Most of these folks were first-time broadcasters, and a few, like Aiello, would go on to pursue careers in the music biz.
Former MuchMusic and VH1 VJ Bradford How, and celebrated Canadian music historian and columnist Alan Cross (The Ongoing History of New Music), are a few notable CKUW alumni.
“When I saw this opportunity to come to Winnipeg and help move CKUW onto FM, that’s what I jumped at,” says Schmidt, who made the move to CKUW straight from McMaster University in 1996.
“It was amazing to come to a place where there was already such a great history of the station existing; there was already an internal culture and tons of volunteers that had experience.”
Schmidt was hired on to create and develop a licensing application that would allow CKUW to broadcast citywide as a community radio station, rather than as a university station exclusively.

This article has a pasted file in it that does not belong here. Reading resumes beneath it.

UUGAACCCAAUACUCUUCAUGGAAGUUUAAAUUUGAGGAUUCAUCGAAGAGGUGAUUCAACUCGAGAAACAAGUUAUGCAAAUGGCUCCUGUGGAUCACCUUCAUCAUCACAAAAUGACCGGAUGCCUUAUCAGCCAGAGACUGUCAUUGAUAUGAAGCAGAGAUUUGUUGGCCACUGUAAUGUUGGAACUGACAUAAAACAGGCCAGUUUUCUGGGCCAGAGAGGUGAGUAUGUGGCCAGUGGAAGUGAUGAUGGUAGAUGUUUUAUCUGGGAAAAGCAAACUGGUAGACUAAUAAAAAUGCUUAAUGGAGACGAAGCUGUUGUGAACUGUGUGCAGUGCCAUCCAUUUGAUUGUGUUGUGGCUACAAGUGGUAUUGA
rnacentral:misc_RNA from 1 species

The first official citywide broadcast occurred on April 30, 1999, after decades spent fundraising and trying to convert the station to FM radio.
This first broadcast included a short speech by Schmidt, and the first song to hit the airwaves was That’s Entertainment by The Jam.
CKUW has been transmitted all over Winnipeg ever since, and is available on the Internet to listeners around the world.
Though the station doesn’t pool data regularly, Schmidt estimates they have about 7,000 core listeners and reach probably 20,000 to 30,000 people every week, a minority of which are listeners from overseas.
“The fact that the campus is where we started is still super important to us. It doesn’t make sense for someone on CKUW to be doing a show only for one person in Japan. They need to be doing the show for the listeners in Winnipeg, and if there’s a person in Japan who loves it, hey that’s awesome. Our focus is local, so that’s important.”
CKUW organizes many initiatives that integrate Winnipeggers outside the station.
Sarah Michaelson (a.k.a. DJ Mama Cutsworth), a long-time CKUW volunteer and host of the funk-infused Stylus Radio (Thursdays from 2 p.m. to 3 p.m.), says participating in Garage Land has been among her favourite memories during her 12 years spent at the station.